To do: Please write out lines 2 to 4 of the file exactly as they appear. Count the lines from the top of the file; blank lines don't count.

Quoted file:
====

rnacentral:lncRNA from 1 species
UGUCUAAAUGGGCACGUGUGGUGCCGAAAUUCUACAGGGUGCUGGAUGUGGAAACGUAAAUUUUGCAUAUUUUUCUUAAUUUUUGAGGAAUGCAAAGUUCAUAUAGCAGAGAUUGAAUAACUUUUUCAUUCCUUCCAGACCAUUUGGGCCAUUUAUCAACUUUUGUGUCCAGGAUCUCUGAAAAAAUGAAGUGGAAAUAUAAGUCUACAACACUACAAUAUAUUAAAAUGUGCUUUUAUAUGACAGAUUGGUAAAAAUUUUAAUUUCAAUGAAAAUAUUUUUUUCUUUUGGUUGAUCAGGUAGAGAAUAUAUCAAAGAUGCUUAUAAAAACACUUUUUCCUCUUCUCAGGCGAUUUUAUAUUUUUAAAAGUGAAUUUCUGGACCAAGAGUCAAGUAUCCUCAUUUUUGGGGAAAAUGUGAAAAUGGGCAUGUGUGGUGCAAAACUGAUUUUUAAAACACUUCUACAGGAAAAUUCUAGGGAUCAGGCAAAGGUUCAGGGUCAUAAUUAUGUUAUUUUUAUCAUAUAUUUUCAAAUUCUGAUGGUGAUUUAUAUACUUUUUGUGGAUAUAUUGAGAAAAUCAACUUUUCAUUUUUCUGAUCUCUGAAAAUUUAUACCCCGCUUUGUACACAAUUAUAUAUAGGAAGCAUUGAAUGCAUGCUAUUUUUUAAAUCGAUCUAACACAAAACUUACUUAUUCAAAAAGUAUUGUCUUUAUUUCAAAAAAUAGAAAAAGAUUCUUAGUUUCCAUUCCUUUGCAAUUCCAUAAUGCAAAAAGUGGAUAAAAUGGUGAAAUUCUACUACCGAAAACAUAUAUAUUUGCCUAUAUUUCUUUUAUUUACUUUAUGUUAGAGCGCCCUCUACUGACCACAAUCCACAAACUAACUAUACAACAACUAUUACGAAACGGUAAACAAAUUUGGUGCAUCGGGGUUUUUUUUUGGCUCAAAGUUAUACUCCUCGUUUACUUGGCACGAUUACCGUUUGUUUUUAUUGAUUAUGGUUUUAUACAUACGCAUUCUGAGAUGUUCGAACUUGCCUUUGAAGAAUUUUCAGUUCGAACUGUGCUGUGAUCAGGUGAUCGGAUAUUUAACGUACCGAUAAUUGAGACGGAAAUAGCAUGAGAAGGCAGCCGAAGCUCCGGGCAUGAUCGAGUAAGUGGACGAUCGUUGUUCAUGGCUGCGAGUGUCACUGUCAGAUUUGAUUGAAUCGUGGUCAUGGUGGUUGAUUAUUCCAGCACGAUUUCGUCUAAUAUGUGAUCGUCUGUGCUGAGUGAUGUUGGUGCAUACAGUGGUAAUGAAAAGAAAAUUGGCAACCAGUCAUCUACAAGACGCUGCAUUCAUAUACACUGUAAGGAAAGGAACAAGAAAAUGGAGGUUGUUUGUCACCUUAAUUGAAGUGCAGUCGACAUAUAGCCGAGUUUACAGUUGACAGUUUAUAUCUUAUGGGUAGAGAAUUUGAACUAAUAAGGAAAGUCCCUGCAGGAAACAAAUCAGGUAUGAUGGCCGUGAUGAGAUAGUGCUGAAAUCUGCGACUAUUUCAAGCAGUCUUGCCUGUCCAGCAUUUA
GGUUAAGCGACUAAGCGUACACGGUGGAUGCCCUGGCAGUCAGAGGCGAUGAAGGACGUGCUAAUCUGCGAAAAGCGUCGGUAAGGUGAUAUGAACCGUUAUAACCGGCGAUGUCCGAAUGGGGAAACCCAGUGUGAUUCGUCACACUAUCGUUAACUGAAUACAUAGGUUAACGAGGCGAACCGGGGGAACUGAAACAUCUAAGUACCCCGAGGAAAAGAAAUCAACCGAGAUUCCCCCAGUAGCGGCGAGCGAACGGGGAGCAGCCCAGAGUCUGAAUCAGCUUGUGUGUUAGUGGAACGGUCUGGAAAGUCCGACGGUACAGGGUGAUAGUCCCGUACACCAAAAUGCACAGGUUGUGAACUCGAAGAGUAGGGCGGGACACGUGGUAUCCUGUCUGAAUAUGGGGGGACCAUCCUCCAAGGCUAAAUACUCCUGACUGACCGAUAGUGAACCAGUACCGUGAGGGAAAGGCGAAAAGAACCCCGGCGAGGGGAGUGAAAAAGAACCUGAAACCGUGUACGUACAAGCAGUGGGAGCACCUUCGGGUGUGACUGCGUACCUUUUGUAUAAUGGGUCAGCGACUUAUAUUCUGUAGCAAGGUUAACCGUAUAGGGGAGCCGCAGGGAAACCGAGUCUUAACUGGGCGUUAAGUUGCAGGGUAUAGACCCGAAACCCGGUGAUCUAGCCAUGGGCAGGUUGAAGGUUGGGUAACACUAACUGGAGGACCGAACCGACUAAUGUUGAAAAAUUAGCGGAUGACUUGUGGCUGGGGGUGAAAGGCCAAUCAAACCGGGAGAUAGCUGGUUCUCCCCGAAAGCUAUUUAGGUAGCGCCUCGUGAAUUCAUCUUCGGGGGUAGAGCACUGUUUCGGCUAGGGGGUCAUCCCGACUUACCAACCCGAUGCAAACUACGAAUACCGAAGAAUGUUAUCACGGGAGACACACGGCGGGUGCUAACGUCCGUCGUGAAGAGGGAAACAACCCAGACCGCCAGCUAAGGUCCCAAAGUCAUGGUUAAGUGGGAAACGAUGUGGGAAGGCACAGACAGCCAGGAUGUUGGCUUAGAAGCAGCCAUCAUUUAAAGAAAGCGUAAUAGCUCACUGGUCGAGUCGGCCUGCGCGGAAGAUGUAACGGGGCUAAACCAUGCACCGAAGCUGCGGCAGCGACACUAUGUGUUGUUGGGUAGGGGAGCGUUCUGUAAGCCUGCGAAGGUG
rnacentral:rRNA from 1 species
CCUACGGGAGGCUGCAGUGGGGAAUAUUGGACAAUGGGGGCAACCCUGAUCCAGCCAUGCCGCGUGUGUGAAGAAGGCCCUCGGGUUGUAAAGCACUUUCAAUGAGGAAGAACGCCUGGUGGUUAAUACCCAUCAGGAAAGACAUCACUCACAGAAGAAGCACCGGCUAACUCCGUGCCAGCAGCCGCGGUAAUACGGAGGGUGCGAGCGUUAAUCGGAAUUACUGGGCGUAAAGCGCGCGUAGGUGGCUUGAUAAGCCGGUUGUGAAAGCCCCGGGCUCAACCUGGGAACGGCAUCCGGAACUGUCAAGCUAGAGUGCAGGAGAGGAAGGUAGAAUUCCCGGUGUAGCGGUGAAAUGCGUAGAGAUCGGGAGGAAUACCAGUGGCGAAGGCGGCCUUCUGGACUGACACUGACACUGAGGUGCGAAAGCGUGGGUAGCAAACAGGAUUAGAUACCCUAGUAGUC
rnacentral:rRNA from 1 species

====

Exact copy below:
UGUCUAAAUGGGCACGUGUGGUGCCGAAAUUCUACAGGGUGCUGGAUGUGGAAACGUAAAUUUUGCAUAUUUUUCUUAAUUUUUGAGGAAUGCAAAGUUCAUAUAGCAGAGAUUGAAUAACUUUUUCAUUCCUUCCAGACCAUUUGGGCCAUUUAUCAACUUUUGUGUCCAGGAUCUCUGAAAAAAUGAAGUGGAAAUAUAAGUCUACAACACUACAAUAUAUUAAAAUGUGCUUUUAUAUGACAGAUUGGUAAAAAUUUUAAUUUCAAUGAAAAUAUUUUUUUCUUUUGGUUGAUCAGGUAGAGAAUAUAUCAAAGAUGCUUAUAAAAACACUUUUUCCUCUUCUCAGGCGAUUUUAUAUUUUUAAAAGUGAAUUUCUGGACCAAGAGUCAAGUAUCCUCAUUUUUGGGGAAAAUGUGAAAAUGGGCAUGUGUGGUGCAAAACUGAUUUUUAAAACACUUCUACAGGAAAAUUCUAGGGAUCAGGCAAAGGUUCAGGGUCAUAAUUAUGUUAUUUUUAUCAUAUAUUUUCAAAUUCUGAUGGUGAUUUAUAUACUUUUUGUGGAUAUAUUGAGAAAAUCAACUUUUCAUUUUUCUGAUCUCUGAAAAUUUAUACCCCGCUUUGUACACAAUUAUAUAUAGGAAGCAUUGAAUGCAUGCUAUUUUUUAAAUCGAUCUAACACAAAACUUACUUAUUCAAAAAGUAUUGUCUUUAUUUCAAAAAAUAGAAAAAGAUUCUUAGUUUCCAUUCCUUUGCAAUUCCAUAAUGCAAAAAGUGGAUAAAAUGGUGAAAUUCUACUACCGAAAACAUAUAUAUUUGCCUAUAUUUCUUUUAUUUACUUUAUGUUAGAGCGCCCUCUACUGACCACAAUCCACAAACUAACUAUACAACAACUAUUACGAAACGGUAAACAAAUUUGGUGCAUCGGGGUUUUUUUUUGGCUCAAAGUUAUACUCCUCGUUUACUUGGCACGAUUACCGUUUGUUUUUAUUGAUUAUGGUUUUAUACAUACGCAUUCUGAGAUGUUCGAACUUGCCUUUGAAGAAUUUUCAGUUCGAACUGUGCUGUGAUCAGGUGAUCGGAUAUUUAACGUACCGAUAAUUGAGACGGAAAUAGCAUGAGAAGGCAGCCGAAGCUCCGGGCAUGAUCGAGUAAGUGGACGAUCGUUGUUCAUGGCUGCGAGUGUCACUGUCAGAUUUGAUUGAAUCGUGGUCAUGGUGGUUGAUUAUUCCAGCACGAUUUCGUCUAAUAUGUGAUCGUCUGUGCUGAGUGAUGUUGGUGCAUACAGUGGUAAUGAAAAGAAAAUUGGCAACCAGUCAUCUACAAGACGCUGCAUUCAUAUACACUGUAAGGAAAGGAACAAGAAAAUGGAGGUUGUUUGUCACCUUAAUUGAAGUGCAGUCGACAUAUAGCCGAGUUUACAGUUGACAGUUUAUAUCUUAUGGGUAGAGAAUUUGAACUAAUAAGGAAAGUCCCUGCAGGAAACAAAUCAGGUAUGAUGGCCGUGAUGAGAUAGUGCUGAAAUCUGCGACUAUUUCAAGCAGUCUUGCCUGUCCAGCAUUUA
GGUUAAGCGACUAAGCGUACACGGUGGAUGCCCUGGCAGUCAGAGGCGAUGAAGGACGUGCUAAUCUGCGAAAAGCGUCGGUAAGGUGAUAUGAACCGUUAUAACCGGCGAUGUCCGAAUGGGGAAACCCAGUGUGAUUCGUCACACUAUCGUUAACUGAAUACAUAGGUUAACGAGGCGAACCGGGGGAACUGAAACAUCUAAGUACCCCGAGGAAAAGAAAUCAACCGAGAUUCCCCCAGUAGCGGCGAGCGAACGGGGAGCAGCCCAGAGUCUGAAUCAGCUUGUGUGUUAGUGGAACGGUCUGGAAAGUCCGACGGUACAGGGUGAUAGUCCCGUACACCAAAAUGCACAGGUUGUGAACUCGAAGAGUAGGGCGGGACACGUGGUAUCCUGUCUGAAUAUGGGGGGACCAUCCUCCAAGGCUAAAUACUCCUGACUGACCGAUAGUGAACCAGUACCGUGAGGGAAAGGCGAAAAGAACCCCGGCGAGGGGAGUGAAAAAGAACCUGAAACCGUGUACGUACAAGCAGUGGGAGCACCUUCGGGUGUGACUGCGUACCUUUUGUAUAAUGGGUCAGCGACUUAUAUUCUGUAGCAAGGUUAACCGUAUAGGGGAGCCGCAGGGAAACCGAGUCUUAACUGGGCGUUAAGUUGCAGGGUAUAGACCCGAAACCCGGUGAUCUAGCCAUGGGCAGGUUGAAGGUUGGGUAACACUAACUGGAGGACCGAACCGACUAAUGUUGAAAAAUUAGCGGAUGACUUGUGGCUGGGGGUGAAAGGCCAAUCAAACCGGGAGAUAGCUGGUUCUCCCCGAAAGCUAUUUAGGUAGCGCCUCGUGAAUUCAUCUUCGGGGGUAGAGCACUGUUUCGGCUAGGGGGUCAUCCCGACUUACCAACCCGAUGCAAACUACGAAUACCGAAGAAUGUUAUCACGGGAGACACACGGCGGGUGCUAACGUCCGUCGUGAAGAGGGAAACAACCCAGACCGCCAGCUAAGGUCCCAAAGUCAUGGUUAAGUGGGAAACGAUGUGGGAAGGCACAGACAGCCAGGAUGUUGGCUUAGAAGCAGCCAUCAUUUAAAGAAAGCGUAAUAGCUCACUGGUCGAGUCGGCCUGCGCGGAAGAUGUAACGGGGCUAAACCAUGCACCGAAGCUGCGGCAGCGACACUAUGUGUUGUUGGGUAGGGGAGCGUUCUGUAAGCCUGCGAAGGUG
rnacentral:rRNA from 1 species